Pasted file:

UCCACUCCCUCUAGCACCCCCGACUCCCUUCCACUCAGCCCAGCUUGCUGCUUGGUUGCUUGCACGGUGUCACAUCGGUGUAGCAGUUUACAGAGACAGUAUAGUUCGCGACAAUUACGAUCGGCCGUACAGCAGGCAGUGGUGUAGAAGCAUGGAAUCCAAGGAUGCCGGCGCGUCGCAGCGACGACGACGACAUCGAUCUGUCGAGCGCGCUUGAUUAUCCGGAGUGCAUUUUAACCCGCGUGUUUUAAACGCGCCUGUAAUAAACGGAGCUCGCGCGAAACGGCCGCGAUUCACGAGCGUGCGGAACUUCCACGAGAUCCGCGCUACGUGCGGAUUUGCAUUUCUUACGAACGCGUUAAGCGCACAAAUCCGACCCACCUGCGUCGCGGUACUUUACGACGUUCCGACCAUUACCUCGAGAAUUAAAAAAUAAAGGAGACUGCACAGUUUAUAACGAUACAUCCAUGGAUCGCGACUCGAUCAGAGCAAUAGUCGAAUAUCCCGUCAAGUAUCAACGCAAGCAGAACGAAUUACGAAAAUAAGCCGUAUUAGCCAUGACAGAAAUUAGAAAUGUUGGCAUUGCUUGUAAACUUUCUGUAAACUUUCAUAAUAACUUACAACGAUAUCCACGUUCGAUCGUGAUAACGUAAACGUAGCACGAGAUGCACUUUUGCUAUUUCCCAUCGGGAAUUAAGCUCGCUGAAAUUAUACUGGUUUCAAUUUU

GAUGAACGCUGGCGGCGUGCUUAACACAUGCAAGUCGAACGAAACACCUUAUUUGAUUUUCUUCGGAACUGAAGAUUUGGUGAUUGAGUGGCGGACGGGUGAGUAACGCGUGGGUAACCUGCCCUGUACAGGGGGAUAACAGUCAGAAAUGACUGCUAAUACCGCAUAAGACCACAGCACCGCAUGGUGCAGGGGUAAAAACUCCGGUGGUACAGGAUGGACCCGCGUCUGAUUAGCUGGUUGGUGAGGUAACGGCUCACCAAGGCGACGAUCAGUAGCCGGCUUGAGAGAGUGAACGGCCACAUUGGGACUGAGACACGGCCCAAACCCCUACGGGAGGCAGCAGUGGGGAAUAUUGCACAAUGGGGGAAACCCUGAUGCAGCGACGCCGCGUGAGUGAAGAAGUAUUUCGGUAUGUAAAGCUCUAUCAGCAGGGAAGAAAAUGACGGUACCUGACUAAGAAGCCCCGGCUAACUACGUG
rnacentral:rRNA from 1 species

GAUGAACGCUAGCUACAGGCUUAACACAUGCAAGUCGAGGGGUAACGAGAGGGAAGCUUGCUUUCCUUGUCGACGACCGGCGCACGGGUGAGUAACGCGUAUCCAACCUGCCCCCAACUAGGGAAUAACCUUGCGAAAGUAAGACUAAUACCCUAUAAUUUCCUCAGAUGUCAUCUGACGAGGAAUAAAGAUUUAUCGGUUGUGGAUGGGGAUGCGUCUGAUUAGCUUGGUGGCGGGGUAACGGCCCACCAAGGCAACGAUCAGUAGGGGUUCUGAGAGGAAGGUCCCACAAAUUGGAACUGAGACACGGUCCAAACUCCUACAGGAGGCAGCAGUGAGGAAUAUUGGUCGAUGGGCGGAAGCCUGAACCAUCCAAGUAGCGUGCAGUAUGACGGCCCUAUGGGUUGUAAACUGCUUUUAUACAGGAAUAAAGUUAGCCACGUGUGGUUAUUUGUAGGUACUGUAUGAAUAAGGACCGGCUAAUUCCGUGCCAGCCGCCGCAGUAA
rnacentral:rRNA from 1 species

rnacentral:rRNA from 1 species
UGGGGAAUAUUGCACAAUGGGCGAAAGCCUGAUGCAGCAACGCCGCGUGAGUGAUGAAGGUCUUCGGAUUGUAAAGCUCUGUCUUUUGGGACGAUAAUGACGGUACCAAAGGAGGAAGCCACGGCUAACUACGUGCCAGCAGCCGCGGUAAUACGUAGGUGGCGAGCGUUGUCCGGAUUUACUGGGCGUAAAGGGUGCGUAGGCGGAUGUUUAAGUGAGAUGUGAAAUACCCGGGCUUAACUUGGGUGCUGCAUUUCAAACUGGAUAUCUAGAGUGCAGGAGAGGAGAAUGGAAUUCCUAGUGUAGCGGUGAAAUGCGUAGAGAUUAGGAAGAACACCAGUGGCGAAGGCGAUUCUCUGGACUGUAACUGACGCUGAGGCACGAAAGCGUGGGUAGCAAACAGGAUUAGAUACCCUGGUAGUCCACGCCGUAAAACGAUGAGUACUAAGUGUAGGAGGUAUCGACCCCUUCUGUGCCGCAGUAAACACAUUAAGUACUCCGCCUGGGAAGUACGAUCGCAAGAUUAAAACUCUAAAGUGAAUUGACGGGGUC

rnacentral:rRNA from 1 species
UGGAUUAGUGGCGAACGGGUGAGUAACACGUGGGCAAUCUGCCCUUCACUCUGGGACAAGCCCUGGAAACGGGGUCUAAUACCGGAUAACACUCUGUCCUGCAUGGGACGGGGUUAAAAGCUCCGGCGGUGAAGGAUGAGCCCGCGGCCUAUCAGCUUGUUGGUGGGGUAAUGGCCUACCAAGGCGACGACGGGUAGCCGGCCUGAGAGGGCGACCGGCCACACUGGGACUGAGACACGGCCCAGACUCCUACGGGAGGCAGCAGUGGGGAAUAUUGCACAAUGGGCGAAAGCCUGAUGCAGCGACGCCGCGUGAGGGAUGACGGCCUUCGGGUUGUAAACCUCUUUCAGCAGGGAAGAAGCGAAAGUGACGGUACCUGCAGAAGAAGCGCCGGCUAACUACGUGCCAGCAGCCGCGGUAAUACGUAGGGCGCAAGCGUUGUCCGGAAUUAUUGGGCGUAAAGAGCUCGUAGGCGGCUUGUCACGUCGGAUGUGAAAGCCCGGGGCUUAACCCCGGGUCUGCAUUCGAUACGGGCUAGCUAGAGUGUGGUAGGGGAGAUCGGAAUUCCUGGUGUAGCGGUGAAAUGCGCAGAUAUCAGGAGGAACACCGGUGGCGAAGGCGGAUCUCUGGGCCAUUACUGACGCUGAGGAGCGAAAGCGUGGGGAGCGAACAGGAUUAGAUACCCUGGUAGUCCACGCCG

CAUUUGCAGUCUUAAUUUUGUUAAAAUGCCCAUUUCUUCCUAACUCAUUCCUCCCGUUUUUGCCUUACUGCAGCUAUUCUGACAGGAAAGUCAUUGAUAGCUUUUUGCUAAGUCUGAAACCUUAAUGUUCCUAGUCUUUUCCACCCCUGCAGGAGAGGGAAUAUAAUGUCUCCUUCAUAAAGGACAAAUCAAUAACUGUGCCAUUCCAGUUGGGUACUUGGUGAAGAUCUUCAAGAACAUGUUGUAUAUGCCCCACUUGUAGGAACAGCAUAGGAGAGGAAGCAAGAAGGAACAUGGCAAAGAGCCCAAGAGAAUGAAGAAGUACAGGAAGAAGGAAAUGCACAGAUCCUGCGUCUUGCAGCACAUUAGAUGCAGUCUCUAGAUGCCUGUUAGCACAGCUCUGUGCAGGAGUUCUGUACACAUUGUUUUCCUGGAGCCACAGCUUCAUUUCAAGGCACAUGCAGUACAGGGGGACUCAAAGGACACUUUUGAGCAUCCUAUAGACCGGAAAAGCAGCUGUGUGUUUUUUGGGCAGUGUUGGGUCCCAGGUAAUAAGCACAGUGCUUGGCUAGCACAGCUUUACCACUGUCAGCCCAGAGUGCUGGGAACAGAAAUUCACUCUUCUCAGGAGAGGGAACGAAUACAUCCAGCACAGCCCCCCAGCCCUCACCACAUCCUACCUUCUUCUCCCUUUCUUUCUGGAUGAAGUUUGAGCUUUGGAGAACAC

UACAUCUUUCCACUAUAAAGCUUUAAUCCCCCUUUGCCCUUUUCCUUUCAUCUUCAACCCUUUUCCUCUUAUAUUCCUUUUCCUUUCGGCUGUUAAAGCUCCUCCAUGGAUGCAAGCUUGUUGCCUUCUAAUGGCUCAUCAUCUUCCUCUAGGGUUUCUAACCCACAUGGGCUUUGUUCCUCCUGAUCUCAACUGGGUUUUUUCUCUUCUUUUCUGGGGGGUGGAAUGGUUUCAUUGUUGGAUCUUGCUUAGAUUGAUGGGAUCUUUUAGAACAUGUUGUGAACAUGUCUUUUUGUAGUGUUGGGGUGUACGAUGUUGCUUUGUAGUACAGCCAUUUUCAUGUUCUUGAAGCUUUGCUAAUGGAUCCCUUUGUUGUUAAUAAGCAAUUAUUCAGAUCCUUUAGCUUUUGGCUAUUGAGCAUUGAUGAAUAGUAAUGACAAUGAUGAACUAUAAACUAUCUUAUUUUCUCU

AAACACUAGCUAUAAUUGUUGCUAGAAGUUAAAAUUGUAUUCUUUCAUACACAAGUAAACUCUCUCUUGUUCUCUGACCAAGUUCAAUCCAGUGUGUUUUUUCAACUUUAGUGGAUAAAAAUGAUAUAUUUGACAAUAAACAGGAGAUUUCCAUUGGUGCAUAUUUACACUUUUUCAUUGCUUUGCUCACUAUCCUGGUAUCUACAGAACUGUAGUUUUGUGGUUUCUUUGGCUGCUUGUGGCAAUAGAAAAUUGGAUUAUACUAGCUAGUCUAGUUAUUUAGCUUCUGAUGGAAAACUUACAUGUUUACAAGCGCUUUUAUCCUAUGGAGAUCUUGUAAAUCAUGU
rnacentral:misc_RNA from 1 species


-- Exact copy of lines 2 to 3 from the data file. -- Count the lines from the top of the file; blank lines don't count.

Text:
GAUGAACGCUGGCGGCGUGCUUAACACAUGCAAGUCGAACGAAACACCUUAUUUGAUUUUCUUCGGAACUGAAGAUUUGGUGAUUGAGUGGCGGACGGGUGAGUAACGCGUGGGUAACCUGCCCUGUACAGGGGGAUAACAGUCAGAAAUGACUGCUAAUACCGCAUAAGACCACAGCACCGCAUGGUGCAGGGGUAAAAACUCCGGUGGUACAGGAUGGACCCGCGUCUGAUUAGCUGGUUGGUGAGGUAACGGCUCACCAAGGCGACGAUCAGUAGCCGGCUUGAGAGAGUGAACGGCCACAUUGGGACUGAGACACGGCCCAAACCCCUACGGGAGGCAGCAGUGGGGAAUAUUGCACAAUGGGGGAAACCCUGAUGCAGCGACGCCGCGUGAGUGAAGAAGUAUUUCGGUAUGUAAAGCUCUAUCAGCAGGGAAGAAAAUGACGGUACCUGACUAAGAAGCCCCGGCUAACUACGUG
rnacentral:rRNA from 1 species